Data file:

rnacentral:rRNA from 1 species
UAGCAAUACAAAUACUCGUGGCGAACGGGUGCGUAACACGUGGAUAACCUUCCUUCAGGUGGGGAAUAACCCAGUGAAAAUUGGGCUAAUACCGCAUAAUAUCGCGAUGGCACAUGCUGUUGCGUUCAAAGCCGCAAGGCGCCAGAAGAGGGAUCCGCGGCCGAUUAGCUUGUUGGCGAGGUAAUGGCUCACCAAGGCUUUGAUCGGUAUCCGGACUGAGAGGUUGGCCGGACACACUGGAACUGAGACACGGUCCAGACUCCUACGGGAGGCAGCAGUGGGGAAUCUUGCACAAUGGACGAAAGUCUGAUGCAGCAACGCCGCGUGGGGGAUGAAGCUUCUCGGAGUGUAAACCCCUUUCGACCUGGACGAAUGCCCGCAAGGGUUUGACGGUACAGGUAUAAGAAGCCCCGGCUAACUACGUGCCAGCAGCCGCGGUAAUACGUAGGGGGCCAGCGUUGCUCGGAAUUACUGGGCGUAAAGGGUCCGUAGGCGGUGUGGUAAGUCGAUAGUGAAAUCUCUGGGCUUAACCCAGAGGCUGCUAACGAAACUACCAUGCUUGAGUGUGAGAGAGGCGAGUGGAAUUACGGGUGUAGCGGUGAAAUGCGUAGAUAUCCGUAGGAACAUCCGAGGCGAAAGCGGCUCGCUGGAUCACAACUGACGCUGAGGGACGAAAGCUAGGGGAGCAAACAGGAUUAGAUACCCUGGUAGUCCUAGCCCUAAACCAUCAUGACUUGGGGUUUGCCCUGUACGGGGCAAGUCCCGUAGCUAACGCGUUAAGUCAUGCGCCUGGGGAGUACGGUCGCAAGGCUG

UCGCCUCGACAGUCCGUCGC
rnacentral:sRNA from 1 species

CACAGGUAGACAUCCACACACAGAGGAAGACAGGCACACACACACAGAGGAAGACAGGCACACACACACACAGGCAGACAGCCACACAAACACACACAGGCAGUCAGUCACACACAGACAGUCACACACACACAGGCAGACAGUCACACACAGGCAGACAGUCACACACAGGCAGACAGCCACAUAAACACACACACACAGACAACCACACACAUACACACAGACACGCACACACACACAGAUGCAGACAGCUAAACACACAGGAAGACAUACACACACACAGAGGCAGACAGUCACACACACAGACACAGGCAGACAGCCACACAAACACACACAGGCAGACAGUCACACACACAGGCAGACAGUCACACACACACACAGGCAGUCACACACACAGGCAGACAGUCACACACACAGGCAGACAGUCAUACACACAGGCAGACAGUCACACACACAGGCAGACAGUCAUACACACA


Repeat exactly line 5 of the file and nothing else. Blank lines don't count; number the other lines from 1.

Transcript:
CACAGGUAGACAUCCACACACAGAGGAAGACAGGCACACACACACAGAGGAAGACAGGCACACACACACACAGGCAGACAGCCACACAAACACACACAGGCAGUCAGUCACACACAGACAGUCACACACACACAGGCAGACAGUCACACACAGGCAGACAGUCACACACAGGCAGACAGCCACAUAAACACACACACACAGACAACCACACACAUACACACAGACACGCACACACACACAGAUGCAGACAGCUAAACACACAGGAAGACAUACACACACACAGAGGCAGACAGUCACACACACAGACACAGGCAGACAGCCACACAAACACACACAGGCAGACAGUCACACACACAGGCAGACAGUCACACACACACACAGGCAGUCACACACACAGGCAGACAGUCACACACACAGGCAGACAGUCAUACACACAGGCAGACAGUCACACACACAGGCAGACAGUCAUACACACA